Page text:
In small groups, assign students to portray either Union or Confederate strategists. Provide basic scenarios (e.g., Union forces in New Orleans want to occupy Alexandria) and encourage teams to create basic offensive and defensive plans based on the geographical features of Louisiana. As the unit progresses, test the students’ plans versus the actual efforts made by both armies (e.g., Admiral David Farragut’s Union naval offensive towards New Orleans, General Nathaniel Bank’s Union Army’s attempt to capture Port Hudson, General Richard Taylor’s Confederate Army’s defensive plans on the Teche and Red River Campaigns, campaign for the occupation of Baton Rouge).
Have students work in teams to develop a chart listing the advantages and disadvantages of a variety of geographical features in Louisiana during the Civil War. Using this information, have students write an entry in their learning log (view literacy strategy descriptions) describing what a general (Confederate or Union) would have planned and worried about during one of the battles or campaigns that occurred in Louisiana.

Activity 3: Louisiana Trade (GLEs: 42, 51, 52, 58)
Materials List: map of Louisiana waterways, Inspiration® software (optional)
Using a map of Louisiana, have students look at the traditional trade routes for shipping goods within the state and the exporting of goods (e.g., cotton, sugarcane). Then, have them brainstorm (view literacy strategy descriptions) ways the Union forces could disrupt the trade, and alternative routes Louisiana traders could find to avoid possible Union capture. Have students brainstorm (e.g., using Inspiration®) on how the economic consequences of Union naval blockades (i.e., on local waterways, in the Gulf) would affect the local economy and the Union and Confederate war efforts (e.g., scarcity, inflation, supply/demand, unemployment).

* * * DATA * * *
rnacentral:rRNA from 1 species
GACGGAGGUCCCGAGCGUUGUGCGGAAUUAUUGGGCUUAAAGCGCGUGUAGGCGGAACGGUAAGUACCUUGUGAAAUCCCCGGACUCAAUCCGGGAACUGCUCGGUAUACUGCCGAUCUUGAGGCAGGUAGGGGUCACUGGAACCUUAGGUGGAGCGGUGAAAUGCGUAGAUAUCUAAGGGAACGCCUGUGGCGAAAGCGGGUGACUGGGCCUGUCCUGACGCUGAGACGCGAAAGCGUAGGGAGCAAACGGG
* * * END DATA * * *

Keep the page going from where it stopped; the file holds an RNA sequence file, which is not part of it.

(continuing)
Activity 4: Civil War Trading Cards (GLEs: 66, 73)
Materials List: PowerPoint® software (optional)
Provide a list of key persons, places, and things regarding the American Civil War in Louisiana; have students research and create “trading cards” (e.g., PowerPoint®) that possess prescribed components (e.g., visual [or illustration], title [catch phrase], historical facts [most significant], side note [trivia], summary statement [impact on the war]). The PowerPoint® or hand-drawn trading cards should be printed (one sided) on a regular sheet of paper and displayed. Each student would present a brief explanation of the information collected on his/her topic.